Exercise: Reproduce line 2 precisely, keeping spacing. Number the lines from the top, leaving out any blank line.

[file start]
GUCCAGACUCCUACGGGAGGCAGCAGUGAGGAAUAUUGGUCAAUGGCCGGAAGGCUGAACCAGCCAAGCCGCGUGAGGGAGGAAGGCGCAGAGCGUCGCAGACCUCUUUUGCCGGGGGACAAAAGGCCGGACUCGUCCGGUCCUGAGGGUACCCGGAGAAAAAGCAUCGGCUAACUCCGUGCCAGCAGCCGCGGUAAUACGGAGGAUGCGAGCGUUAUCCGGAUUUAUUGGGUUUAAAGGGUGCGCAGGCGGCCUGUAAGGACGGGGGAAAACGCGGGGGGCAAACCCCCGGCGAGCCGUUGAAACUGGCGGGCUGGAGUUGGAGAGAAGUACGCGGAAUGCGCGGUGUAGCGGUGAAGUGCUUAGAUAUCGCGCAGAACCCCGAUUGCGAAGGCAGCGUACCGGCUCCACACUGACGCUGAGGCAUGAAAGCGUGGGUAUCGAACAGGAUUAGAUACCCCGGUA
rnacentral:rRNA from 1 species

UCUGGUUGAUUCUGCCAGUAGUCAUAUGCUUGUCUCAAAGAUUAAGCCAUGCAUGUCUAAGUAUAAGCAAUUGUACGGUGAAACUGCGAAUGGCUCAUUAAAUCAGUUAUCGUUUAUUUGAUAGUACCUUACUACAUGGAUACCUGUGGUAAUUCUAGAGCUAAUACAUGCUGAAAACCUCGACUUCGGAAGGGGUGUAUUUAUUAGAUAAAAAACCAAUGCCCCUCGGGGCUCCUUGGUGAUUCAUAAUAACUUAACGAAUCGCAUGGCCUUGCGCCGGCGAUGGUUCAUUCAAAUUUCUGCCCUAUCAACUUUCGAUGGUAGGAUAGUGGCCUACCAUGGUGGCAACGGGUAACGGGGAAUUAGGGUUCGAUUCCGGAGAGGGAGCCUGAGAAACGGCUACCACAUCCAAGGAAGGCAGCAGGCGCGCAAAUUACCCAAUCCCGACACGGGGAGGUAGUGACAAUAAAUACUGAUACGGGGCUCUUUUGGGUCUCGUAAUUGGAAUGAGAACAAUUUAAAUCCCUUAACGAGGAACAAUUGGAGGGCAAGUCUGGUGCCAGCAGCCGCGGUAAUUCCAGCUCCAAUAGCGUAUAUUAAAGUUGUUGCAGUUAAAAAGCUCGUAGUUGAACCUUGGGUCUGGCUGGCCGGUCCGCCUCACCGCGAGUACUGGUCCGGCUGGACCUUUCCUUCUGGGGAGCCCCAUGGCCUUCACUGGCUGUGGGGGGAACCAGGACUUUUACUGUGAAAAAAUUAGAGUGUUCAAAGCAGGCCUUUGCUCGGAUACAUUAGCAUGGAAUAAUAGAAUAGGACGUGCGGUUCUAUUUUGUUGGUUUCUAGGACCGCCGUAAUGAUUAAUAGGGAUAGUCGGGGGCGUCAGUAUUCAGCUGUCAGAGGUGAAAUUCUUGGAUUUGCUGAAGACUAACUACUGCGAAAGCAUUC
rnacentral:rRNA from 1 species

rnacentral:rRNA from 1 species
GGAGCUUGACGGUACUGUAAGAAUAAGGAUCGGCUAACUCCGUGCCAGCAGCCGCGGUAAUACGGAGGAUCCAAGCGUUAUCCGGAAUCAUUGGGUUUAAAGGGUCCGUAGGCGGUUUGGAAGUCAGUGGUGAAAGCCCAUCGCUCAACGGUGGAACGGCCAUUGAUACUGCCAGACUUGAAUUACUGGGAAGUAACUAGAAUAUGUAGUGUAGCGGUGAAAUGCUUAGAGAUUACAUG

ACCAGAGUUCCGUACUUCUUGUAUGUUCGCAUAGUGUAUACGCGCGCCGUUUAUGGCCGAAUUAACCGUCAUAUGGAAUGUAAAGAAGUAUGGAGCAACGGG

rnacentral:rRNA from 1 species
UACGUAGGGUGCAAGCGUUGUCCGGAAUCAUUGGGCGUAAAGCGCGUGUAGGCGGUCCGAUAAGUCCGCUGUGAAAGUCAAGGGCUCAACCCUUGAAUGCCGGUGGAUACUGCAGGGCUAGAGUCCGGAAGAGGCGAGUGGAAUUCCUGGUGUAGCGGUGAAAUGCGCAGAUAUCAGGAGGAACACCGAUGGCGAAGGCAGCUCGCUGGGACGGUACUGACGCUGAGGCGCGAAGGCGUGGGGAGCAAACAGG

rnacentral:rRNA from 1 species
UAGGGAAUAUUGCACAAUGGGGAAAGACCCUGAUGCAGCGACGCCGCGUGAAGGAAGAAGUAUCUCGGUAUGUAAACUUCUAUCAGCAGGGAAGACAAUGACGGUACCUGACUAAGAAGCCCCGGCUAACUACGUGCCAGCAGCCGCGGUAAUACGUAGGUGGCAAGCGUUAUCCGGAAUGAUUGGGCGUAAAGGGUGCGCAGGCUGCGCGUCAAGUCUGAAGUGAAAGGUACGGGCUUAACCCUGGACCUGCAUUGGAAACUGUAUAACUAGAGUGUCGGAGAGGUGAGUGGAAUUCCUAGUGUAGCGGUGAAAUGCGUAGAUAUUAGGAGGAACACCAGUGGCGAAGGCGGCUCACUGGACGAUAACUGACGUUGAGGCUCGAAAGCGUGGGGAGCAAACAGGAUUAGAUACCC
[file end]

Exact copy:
rnacentral:rRNA from 1 species